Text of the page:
"Offensively, it won't be (difficult). I'll just use the same advantage I use now. Bigger than a three (small forward), you can take him to the post, and playing a four (power forward), you can take him outside."
Odom tried to shrug off criticism of his play during the Finals, and media speculation he might be traded this offseason.
"Sometimes, I just realize that some people don't understand," he said, regarding those who want him to do more. "People that know the game, they understand what I do and how I do it."
Odom -- who said he wants to end his career as a Laker -- said the speculation about his future came up during his exit interview with Kupchak.
"It's crazy," he said, "because as soon as I walked into my meeting, Mitch said, 'I'm sorry about something that came out in the paper yesterday.'
"It's been going on ever since I've been here. I came over in a pretty big trade. Since then, we've missed the playoffs, lost twice in the first round and then lost in the championship. I know people want results, and results are winning consistently."
-- Derek Fisher is confident the Lakers will be better in 2008-09 as a result of the experience they gained this year -- including the thumping by Boston in the NBA Finals.
"It takes some experiencing of the process to gain a better understanding of the commitment it takes to get there," said Fisher. "I think for a moment there, we thought we already knew. ... We still know there's a gap there that we have to close.
"The best defensive team in the NBA, they were the champions. The season before, the San Antonio Spurs, they've always been one of the better defensive team, and they won a championship. So understanding that physically being present and stopping people on the defensive end are always going to be required, almost mandatory, to be a champion. ...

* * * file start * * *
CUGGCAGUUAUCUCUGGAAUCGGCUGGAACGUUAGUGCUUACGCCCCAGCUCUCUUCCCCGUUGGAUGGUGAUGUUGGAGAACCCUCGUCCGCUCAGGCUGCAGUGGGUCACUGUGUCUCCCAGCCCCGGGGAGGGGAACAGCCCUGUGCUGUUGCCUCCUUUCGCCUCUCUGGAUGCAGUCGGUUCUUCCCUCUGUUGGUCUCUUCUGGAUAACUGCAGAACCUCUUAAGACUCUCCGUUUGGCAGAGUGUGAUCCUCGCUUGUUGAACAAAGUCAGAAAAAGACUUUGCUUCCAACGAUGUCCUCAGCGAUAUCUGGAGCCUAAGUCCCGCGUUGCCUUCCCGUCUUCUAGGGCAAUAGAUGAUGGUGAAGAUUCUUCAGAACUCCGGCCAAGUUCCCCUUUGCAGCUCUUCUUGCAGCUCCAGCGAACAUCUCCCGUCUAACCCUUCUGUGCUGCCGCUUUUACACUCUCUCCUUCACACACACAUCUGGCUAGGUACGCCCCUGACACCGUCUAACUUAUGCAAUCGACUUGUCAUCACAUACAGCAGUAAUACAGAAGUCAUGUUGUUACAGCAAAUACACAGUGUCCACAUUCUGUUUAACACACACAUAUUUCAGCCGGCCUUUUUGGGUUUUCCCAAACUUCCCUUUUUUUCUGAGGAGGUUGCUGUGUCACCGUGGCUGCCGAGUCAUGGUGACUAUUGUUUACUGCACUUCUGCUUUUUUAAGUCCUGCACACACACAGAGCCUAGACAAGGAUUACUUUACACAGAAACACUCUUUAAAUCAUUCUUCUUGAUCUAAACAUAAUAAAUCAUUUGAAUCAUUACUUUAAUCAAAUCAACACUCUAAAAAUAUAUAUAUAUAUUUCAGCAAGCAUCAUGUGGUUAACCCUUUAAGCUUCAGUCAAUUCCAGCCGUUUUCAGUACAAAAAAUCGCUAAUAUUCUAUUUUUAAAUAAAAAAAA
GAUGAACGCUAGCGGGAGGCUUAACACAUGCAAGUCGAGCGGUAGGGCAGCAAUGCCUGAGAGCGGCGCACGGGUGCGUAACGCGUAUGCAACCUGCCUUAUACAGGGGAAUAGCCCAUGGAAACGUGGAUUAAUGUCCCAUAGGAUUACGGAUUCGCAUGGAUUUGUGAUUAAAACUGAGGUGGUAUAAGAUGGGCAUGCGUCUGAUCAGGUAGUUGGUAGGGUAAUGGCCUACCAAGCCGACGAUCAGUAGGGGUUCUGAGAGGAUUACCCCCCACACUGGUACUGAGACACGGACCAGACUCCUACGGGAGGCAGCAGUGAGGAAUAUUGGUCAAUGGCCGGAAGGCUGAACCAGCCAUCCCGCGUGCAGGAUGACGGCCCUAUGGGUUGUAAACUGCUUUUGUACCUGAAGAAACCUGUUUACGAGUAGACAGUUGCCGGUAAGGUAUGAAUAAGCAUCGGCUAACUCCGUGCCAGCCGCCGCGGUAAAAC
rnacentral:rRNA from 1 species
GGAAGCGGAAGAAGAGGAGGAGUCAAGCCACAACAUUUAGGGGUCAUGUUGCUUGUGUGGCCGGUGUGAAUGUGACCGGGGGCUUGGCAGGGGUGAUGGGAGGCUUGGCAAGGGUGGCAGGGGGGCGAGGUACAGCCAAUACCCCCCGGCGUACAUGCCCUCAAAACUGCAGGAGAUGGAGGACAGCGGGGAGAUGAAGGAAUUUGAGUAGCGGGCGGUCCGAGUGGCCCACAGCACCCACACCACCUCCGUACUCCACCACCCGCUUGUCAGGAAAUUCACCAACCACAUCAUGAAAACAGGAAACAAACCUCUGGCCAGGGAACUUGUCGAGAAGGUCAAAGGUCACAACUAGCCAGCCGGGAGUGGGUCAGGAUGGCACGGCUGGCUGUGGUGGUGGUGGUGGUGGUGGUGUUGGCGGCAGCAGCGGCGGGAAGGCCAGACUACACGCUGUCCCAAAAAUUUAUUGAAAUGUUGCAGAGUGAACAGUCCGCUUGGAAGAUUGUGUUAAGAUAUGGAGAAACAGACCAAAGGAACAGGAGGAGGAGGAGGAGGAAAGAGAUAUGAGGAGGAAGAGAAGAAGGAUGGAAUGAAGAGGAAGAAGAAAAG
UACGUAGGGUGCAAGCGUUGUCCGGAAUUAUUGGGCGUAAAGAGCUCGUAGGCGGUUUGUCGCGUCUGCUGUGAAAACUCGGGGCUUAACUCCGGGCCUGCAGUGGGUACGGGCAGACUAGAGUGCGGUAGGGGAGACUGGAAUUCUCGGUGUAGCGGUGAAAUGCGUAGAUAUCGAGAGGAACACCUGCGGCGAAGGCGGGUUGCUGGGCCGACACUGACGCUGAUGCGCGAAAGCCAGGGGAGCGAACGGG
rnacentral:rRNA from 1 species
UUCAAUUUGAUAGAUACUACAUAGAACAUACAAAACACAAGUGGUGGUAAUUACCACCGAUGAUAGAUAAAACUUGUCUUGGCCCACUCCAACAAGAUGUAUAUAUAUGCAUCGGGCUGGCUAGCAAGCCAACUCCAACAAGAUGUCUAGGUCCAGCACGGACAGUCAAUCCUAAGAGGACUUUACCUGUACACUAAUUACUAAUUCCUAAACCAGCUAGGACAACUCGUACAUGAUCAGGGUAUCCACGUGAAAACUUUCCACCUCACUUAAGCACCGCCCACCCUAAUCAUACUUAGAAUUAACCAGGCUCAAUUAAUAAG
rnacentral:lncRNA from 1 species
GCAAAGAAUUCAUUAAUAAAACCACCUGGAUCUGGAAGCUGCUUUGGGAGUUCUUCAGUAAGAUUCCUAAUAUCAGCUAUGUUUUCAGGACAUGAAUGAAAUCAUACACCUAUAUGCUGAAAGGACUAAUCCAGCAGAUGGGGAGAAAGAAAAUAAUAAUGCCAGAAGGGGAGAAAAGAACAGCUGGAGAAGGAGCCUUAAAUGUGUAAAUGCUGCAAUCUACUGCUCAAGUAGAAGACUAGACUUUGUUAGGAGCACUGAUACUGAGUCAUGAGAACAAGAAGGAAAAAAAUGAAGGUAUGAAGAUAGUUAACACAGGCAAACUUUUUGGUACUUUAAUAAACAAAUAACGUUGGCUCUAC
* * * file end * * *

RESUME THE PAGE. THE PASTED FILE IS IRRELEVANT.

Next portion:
Hopefully, you want to come back better individually, and that makes the sum of the parts even greater."
EL SEGUNDO -- The next time Kobe Bryant and Pau Gasol meet on a basketball court, they'll be on opposing teams at the Summer Olympics.
Bryant has shared with Gasol his thoughts on how it's going to turn out.
"I said, 'Pau, being that we lost this (NBA Finals) series, you (expletives) have no chance at a gold medal,' " Bryant said Thursday. " 'No chance. I ain't going 0 for 2, homie.' "
On the day they, and most of the other Lakers, held their season-ending exit interviews following the six-game loss to Boston in the NBA Finals, Bryant and Gasol looked ahead to playing in Beijing.
The 12-member U.S. team won't be announced until Monday, but it's a pretty safe bet Bryant will be part of it -- putting him and the rest of Team USA on track to meet Gasol's team from Spain on Aug. 16 in the fourth game of pool play in Beijing.
A smiling Gasol said Bryant's comment wasn't anything he hadn't heard before.
"That's been the threat the whole time," Gasol said. "He talks a lot of, you know -- he talks a lot. And that's fine. They have a great team. We know they're going to be the favorite team and the team to beat.
"I think it's a good thing we have them in our group, just because we won't have to face them, no matter what, in the quarterfinals, and that's a big thing, because they're dangerous and they're very powerful. Hopefully we'll meet them down in the end, the final. That would be great."
The U.S. and Spain are part of Group B in the Olympic tournament, along with Angola, the host Chinese team, and two teams to be determined in a qualifying tournament July 14-20 in Athens, Greece.
Coming after a full NBA season, the Olympic tournament will cost both players most of the period of rest and recovery that usually comes during the summer, but neither has any hesitation about participating.
"I'm ready to go," said Bryant. "I'm chomping at the bit. ...
"It's competition at its highest level. You're not representing a particular brand or a state. You're representing your country. You're representing the USA. And to me, that's beyond special. And it's our opportunity to go out and make our country proud."
Then there's the Olympic experience itself.
"You get to see the top athletes in every sport in the world, and they're all in the same village," said Gasol, the leading scorer in the 2004 Olympic tournament, when Spain finished fifth. "I think that's cool. My experience in Athens was fun. It was good to be around that."
Beyond that, he said, "It's special, and you want to represent your country, and you want to get a medal for your country, and your whole country is pulling for you. It's an event that's followed worldwide, and that gives it a special touch, a difference from any other tournament."